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Leptospermum rupicola

Family: Myrtaceae

A low-growing shrub to 1 metre tall.

It has a restricted distribution, mainly growing in the Katoomba area in the Blue Mountains of NSW, with a somewhat disjunct occurrence north at Glen Davis, and with some old records in the southern highlands (Berrima) and Kangaroo Valley.   

It grows in shrubby communities and dry sclerophyll woodland on sandstone cliffs and platforms

Mature stems have thin, firm bark

Leaves are narrow ovate to lanceolate, to 20 mm long and to 4 mm wide, narrowing at the apex to form a sharp point, mid-green to dark green in colour and produced densely on the stems.

Leptospermum typically produce solitary flowers, or in small groups of 2s and 3s or more, within the leaf axils. Flowers have 5 petals and sepals and have a symmetrical rotate shape.  Stamens are produced in groups of 5 which surround 1 carpel (female part). The prominent feature in Leptospermum is the hypanthium, a cup or vase-shaped receptacle that supports the flower.

In this species, the flowers are white, to 20 mm wide, produced solitarily, through Autumn and in Spring.

The fruit is a capsule, to 10 mm in diameter, which remains on the plant after seed are shed.

In the garden

This species is not currently known to be cultivated, likely due to its restricted habitat and the fact that it has only be formally described in the last 35 years. Hence, not much is known about its cultivation potential. It may become available for cultivation in the future.

It is found naturally on sandstone outcrops and so may need a well-draining soil to thrive.

Most Leptospermum species make good garden plants.

Leptospermum are generally susceptible to the webbing caterpillar. Usually, the most effective control method for this pest is removing infestations by hand or, if necessary, you can systematically spray with a suitable pesticide. They are also prone to scale insects which is best treated by spraying white oil solution.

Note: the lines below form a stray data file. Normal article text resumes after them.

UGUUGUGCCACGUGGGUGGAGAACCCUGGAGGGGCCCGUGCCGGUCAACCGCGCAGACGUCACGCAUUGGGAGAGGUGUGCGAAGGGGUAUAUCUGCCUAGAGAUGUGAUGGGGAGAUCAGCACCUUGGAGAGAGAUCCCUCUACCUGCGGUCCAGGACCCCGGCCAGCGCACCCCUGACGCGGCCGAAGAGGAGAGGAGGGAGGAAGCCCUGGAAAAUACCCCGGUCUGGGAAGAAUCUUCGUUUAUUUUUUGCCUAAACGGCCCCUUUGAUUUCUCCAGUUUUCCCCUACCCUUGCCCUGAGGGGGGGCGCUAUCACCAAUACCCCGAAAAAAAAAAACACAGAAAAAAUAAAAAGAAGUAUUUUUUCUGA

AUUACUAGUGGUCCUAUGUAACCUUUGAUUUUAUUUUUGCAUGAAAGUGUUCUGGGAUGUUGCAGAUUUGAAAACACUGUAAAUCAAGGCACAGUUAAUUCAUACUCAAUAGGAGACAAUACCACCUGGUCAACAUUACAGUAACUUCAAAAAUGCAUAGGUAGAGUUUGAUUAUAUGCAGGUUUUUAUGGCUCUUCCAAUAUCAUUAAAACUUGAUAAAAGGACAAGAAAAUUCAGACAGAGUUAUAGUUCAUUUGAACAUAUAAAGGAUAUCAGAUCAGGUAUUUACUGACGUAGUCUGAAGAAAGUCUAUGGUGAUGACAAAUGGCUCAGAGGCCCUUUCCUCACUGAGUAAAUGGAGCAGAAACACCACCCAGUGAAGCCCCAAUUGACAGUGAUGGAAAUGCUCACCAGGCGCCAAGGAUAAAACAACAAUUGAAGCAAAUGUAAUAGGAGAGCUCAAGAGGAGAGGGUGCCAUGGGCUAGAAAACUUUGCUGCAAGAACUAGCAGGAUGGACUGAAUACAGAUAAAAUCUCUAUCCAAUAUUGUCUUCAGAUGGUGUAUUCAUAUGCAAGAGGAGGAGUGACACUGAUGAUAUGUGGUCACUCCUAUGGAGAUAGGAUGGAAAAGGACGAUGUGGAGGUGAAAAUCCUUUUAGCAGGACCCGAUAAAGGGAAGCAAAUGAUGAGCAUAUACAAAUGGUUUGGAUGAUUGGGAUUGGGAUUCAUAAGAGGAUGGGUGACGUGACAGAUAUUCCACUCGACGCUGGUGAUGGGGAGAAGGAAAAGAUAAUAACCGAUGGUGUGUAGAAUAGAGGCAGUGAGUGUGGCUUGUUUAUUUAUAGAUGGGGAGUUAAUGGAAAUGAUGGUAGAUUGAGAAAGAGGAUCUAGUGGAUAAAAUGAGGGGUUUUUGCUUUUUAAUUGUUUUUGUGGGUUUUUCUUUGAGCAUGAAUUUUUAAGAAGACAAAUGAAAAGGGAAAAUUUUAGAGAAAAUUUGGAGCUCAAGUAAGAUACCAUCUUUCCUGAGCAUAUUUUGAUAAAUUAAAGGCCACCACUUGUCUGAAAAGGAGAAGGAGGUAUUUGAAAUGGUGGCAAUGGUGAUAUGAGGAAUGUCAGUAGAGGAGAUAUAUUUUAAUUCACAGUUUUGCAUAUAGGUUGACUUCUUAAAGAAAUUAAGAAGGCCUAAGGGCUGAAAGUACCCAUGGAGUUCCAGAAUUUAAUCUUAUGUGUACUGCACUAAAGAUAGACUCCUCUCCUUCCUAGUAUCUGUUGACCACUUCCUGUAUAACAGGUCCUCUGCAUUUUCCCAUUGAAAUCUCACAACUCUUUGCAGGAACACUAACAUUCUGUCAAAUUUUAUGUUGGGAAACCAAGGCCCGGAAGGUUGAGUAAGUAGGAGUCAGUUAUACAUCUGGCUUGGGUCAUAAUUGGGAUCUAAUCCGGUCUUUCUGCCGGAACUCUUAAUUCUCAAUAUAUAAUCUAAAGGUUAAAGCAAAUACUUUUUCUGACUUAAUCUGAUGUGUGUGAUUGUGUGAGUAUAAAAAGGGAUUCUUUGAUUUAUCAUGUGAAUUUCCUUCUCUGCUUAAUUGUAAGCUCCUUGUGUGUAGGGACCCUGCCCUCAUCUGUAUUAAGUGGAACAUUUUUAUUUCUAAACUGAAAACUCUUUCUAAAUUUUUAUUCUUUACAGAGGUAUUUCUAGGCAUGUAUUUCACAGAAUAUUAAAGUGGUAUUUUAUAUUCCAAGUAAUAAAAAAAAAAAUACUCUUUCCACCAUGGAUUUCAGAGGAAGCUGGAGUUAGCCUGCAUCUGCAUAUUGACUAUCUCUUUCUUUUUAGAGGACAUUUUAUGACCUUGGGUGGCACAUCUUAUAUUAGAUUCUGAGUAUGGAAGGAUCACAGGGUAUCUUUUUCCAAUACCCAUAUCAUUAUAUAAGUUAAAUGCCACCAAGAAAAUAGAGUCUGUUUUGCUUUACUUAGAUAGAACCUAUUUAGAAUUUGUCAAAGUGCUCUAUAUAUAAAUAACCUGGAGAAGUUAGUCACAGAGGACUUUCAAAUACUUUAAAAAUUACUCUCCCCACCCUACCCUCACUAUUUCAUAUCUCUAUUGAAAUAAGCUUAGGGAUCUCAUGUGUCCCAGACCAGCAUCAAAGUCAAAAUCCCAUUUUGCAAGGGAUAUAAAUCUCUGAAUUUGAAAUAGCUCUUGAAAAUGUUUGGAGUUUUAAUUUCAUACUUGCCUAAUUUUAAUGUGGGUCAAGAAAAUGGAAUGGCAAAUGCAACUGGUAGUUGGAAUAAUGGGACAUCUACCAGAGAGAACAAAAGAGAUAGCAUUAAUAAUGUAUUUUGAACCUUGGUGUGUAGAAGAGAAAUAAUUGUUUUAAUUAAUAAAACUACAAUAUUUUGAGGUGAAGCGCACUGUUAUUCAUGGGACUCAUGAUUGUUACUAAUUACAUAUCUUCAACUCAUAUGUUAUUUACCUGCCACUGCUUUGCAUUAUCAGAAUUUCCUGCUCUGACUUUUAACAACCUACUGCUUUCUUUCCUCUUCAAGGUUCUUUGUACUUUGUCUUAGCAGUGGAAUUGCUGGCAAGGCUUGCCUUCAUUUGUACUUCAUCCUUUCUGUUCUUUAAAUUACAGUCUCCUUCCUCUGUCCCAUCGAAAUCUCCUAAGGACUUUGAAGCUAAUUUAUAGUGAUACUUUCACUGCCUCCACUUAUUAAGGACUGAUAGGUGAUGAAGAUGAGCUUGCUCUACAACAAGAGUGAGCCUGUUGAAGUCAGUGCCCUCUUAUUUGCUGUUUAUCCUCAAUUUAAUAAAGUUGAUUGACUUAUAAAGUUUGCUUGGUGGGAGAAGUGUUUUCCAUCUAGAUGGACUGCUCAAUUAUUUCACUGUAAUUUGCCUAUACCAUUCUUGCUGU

Propagation

They are easy to propagate from seed or cuttings.

Other information

Most Leptospermum species are endemic to Australia where most are found in southern areas of the country and many make desirable garden plants. Current estimates recognize about ninety species of Leptospermum along with many cultivars now existing.
The nectar from the flowers of one species (L. scoparium) is harvested by bees, yielding honey, which is marketed as Manuka honey.

Many Leptospermum species have an ability to regenerate vegetatively after fire with suckering basal growth and branch-shoots. They will also regenerate by seed.

The general common name, Teatree, derives from the practice of early Australian settlers who soaked the leaves of several species in boiling water to make a herbal tea.

Leptospermum – derived from the Greek words leptos meaning “fine” or “slender” and sperma which means “seed” referring to the thin brown seeds of the genus.
rupicola – Latin – named for its habitat which means “living near rocks”.

It is not considered to be at risk in the wild although has a restricted occurrence.

Australian National Botanic Gardens – Leptospermum profile page https://www.anbg.gov.au/leptospermum/

Wikipedia – Leptospermum rupicola profile page         https://en.wikipedia.org/wiki/Leptospermum_rupicola

Plants of South Eastern NSW – Leptospermum rupicola profile page https://apps.lucidcentral.org/plants_se_nsw/text/entities/leptospermum_rupicola.htm

NSW Flora Online (PlantNET) – Leptospermum rupicola profile page https://plantnet.rbgsyd.nsw.gov.au/cgi-bin/NSWfl.pl?page=nswfl&lvl=sp&name=Leptospermum~rupicola

 

By Jeff Howes, edited by Dan Clarke